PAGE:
The command line interface allows instructors to grade notebooks locally by launching Docker containers on the instructor’s machine that grade notebooks and return a CSV of grades and (optionally) PDF versions of student submissions for manually graded questions.

## Configuration Files¶

Otter grades students submissions in individual Docker containers that are based on a Docker image generated through the use of a configuration zip file. Before grading assignments locally, an instructor should create such a zip file by using a tool such as Otter Assign or Otter Generate. This file will be used in the construction of a Docker image tagged otter-grader:{zip file hash}. This Docker image will then have containers spawned from it for each submission that is graded.

Otter’s Docker images can be pruned with otter grade --prune.

Metadata files and flags are optional, but can be helpful when using the CSVs generated by Otter for grading. When organizing submissions for grading, Otter supports two major categories of exports:

• 3rd party collection exports, or

These two categories are broken down and described below.

### 3rd Party Exports¶

If you are using a grading service like Gradescope or an LMS like Canvas to collect submissions, Otter can interpret the export format of these 3rd party services in place of a metadata file. To use a service like Gradescope or Canvas, download the submissions for an assignment, unzip the provided file, and then proceed as described in below using the metadata flag corresponding to your chosen service.

For example, if I had a Canvas export, I would unzip it, cd into the unzipped directory, copy my tests to ./tests, and run

otter grade -c


to grade the submissions (assuming no extra requirements, no PDF generation, and no support files required).

If you are not using a service like Gradescope or Canvas to collect submissions, instructors can also create a simple JSON- or YAML-formatted metadata file for their students’ submissions and provide this to Otter.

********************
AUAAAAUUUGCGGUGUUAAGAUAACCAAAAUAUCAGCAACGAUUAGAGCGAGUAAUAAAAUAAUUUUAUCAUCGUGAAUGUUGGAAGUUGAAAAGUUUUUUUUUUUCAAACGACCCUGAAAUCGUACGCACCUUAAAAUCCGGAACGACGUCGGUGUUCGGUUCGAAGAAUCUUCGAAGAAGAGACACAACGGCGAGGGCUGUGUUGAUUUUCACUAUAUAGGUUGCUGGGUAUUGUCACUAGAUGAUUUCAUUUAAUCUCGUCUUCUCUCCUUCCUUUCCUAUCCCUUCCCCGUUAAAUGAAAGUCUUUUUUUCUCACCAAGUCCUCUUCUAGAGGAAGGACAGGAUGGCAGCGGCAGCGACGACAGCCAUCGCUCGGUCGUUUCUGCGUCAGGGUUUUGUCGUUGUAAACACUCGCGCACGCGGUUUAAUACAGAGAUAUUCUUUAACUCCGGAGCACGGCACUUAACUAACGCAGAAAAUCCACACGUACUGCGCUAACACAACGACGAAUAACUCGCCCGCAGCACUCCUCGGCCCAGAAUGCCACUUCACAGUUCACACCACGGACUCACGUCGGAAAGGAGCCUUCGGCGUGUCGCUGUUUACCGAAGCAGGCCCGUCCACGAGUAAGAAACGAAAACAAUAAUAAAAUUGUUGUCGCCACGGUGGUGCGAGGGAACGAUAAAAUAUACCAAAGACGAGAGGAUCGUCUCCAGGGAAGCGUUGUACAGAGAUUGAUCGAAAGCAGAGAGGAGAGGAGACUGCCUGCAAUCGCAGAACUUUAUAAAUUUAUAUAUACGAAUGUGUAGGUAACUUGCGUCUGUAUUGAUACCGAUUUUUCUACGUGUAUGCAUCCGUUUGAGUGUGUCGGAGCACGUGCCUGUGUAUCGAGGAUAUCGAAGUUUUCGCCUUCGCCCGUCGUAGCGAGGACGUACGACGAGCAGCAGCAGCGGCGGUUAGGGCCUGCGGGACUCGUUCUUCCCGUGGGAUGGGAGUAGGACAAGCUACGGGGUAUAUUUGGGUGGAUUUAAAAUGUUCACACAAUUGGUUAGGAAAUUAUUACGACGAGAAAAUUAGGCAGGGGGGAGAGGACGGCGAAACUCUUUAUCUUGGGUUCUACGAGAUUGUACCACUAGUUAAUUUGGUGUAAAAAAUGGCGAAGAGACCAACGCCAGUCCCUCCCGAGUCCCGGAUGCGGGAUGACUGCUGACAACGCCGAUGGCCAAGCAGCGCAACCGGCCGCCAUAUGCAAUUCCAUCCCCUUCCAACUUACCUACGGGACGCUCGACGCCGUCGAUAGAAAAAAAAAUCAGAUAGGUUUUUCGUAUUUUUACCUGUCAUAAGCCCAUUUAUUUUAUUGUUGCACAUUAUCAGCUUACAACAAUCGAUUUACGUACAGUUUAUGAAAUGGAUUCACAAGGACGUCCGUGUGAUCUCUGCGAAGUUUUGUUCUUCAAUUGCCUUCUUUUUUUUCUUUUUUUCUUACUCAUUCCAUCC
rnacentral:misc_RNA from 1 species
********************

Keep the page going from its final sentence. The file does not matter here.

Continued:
The strucure of the metadata is quite simple: it is a list of 2-item dictionaries, where each dictionary has a student identifier stored as the identifier key and the filename of the student’s submission as filename. An example of each is provided below.

YAML format:

- identifier: 0
filename: test-nb-0.ipynb
- identifier: 1
filename: test-nb-1.ipynb
- identifier: 2
filename: test-nb-2.ipynb
- identifier: 3
filename: test-nb-3.ipynb
- identifier: 4
filename: test-nb-4.ipynb


JSON format:

[
{
"identifier": 0,
"filename": "test-nb-0.ipynb"
},
{
"identifier": 1,
"filename": "test-nb-1.ipynb"
},
{
"identifier": 2,
"filename": "test-nb-2.ipynb"
},
{
"identifier": 3,
"filename": "test-nb-3.ipynb"
},
{
"identifier": 4,
"filename": "test-nb-4.ipynb"
}
]


A JSON- or YAML-formatted metadata file is specified to Otter using the -j or -y flag, respectively. Each flag requires a single argument that corresponds to the path to the metadata file.

## Using the CLI¶

Before using the command line utility, you should have

• written tests for the assignment,

• generated a configuration zip file from those tests, and

The grading interface, encapsulated in the otter grade command, runs the local grading process and defines the options that instructors can set when grading. A comprehensive list of flags is provided below.

### Basic Usage¶

The simplest usage of the Otter Grade is when we have a directory structure as below (and we have cded into grading in the command line) and we don’t require PDFs or additional requirements.

| grading
| - meta.yml
| - nb0.ipynb
| - nb1.ipynb
| - nb2.ipynb
...
| tests
| - q1.py
| - q2.py
| - q3.py
...


In the case above, our otter command would be, very simply,

otter grade -y meta.yml


Because the submissions are on the current working directory (grading), our configuration file is at ./autograder.zip, and we don’t mind output to ./, we can use the defualt values of the -a and -o flags, leaving the only necessary flag the metadata flag. Since we have a YAML metadata file, we specify -y and pass the path to the metadata file, ./meta.yml.

After grader, our directory will look like this:

| grading
| - meta.yml
| - nb0.ipynb
| - nb1.ipynb
| - nb2.ipynb
...
| tests
| - q1.py
| - q2.py
| - q3.py
...


and the grades for each submission will be in final_grades.csv.

If we wanted to generate PDFs for manual grading, we would specify this when making the configuration file and add the --pdfs flag to tell Otter to copy the PDFs out of the containers:

otter grade -y meta.yml --pdfs


and at the end of grading we would have

| grading
| - meta.yml
| - nb0.ipynb
| - nb1.ipynb
| - nb2.ipynb
...
| submission_pdfs
| - nb0.pdf
| - nb1.pdf
| - nb2.pdf
...
| tests
| - q1.py
| - q2.py
| - q3.py
...


### Requirements¶

The Docker image used for grading will be built as described in the Otter Generatte section. If you require any packages not listed there, or among the dependencies of any packages above, you should create a requirements.txt file containing only those packages and use it when running your configuration generator.

### Support Files¶

Some notebooks require support files to run (e.g. data files). If your notebooks require any such files, you should generate your configuration zip file with those files.

### Intercell Seeding¶

Otter Grade also supports intercell seeding. This behavior should be configured as a part of your configuration zip file.